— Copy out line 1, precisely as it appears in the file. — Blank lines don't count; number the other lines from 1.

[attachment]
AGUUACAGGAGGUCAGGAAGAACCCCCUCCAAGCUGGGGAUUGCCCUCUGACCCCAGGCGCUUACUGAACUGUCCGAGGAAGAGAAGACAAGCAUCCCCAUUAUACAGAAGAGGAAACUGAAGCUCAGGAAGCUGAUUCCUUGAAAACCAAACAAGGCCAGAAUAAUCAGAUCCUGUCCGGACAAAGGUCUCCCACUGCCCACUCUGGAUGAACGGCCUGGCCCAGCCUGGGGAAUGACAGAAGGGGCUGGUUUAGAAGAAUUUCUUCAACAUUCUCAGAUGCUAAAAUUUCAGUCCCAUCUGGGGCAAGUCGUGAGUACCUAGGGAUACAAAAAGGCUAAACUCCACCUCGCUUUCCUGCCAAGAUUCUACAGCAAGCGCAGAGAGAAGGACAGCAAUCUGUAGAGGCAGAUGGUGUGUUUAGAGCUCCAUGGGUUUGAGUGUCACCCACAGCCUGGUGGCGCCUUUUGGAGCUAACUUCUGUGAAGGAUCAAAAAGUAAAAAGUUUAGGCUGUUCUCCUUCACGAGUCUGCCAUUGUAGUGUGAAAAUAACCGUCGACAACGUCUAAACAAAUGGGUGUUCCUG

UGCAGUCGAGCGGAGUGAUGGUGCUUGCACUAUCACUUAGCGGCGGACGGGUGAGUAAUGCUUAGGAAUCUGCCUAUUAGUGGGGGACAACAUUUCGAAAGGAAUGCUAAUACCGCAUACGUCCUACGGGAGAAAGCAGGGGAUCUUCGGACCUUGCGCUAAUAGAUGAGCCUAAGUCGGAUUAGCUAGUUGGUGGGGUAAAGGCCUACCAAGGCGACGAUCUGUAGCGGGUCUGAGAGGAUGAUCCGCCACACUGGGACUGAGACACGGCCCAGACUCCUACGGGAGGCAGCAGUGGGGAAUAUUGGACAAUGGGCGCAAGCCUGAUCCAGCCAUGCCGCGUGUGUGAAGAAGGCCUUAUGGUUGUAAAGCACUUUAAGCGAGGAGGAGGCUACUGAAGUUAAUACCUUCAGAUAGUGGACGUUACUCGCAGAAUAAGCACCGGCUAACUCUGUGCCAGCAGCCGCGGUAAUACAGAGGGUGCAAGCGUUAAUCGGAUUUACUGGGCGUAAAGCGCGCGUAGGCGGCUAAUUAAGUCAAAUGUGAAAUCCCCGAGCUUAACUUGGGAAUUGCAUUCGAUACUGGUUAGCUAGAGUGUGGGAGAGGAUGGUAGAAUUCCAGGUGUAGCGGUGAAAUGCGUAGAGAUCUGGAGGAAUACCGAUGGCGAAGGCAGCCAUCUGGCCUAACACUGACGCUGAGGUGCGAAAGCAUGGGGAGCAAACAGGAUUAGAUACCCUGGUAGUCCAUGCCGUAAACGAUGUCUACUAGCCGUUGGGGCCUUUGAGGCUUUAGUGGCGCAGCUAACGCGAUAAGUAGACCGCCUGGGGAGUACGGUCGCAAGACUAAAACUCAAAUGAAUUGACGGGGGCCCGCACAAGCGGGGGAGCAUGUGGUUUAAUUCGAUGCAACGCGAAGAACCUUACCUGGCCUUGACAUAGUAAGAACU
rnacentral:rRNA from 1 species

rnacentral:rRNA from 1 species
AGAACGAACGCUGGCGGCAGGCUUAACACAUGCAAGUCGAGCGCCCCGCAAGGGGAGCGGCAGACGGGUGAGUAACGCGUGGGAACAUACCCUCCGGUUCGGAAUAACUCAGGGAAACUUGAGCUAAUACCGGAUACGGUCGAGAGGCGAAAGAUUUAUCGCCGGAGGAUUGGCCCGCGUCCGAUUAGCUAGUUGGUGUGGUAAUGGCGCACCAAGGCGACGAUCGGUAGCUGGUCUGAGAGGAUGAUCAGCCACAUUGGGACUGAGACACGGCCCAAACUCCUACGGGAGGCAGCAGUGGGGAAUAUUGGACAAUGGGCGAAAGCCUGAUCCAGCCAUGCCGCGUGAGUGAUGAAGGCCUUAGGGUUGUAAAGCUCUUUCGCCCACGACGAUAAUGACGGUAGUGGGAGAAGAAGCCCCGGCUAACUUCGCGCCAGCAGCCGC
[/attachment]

AGUUACAGGAGGUCAGGAAGAACCCCCUCCAAGCUGGGGAUUGCCCUCUGACCCCAGGCGCUUACUGAACUGUCCGAGGAAGAGAAGACAAGCAUCCCCAUUAUACAGAAGAGGAAACUGAAGCUCAGGAAGCUGAUUCCUUGAAAACCAAACAAGGCCAGAAUAAUCAGAUCCUGUCCGGACAAAGGUCUCCCACUGCCCACUCUGGAUGAACGGCCUGGCCCAGCCUGGGGAAUGACAGAAGGGGCUGGUUUAGAAGAAUUUCUUCAACAUUCUCAGAUGCUAAAAUUUCAGUCCCAUCUGGGGCAAGUCGUGAGUACCUAGGGAUACAAAAAGGCUAAACUCCACCUCGCUUUCCUGCCAAGAUUCUACAGCAAGCGCAGAGAGAAGGACAGCAAUCUGUAGAGGCAGAUGGUGUGUUUAGAGCUCCAUGGGUUUGAGUGUCACCCACAGCCUGGUGGCGCCUUUUGGAGCUAACUUCUGUGAAGGAUCAAAAAGUAAAAAGUUUAGGCUGUUCUCCUUCACGAGUCUGCCAUUGUAGUGUGAAAAUAACCGUCGACAACGUCUAAACAAAUGGGUGUUCCUG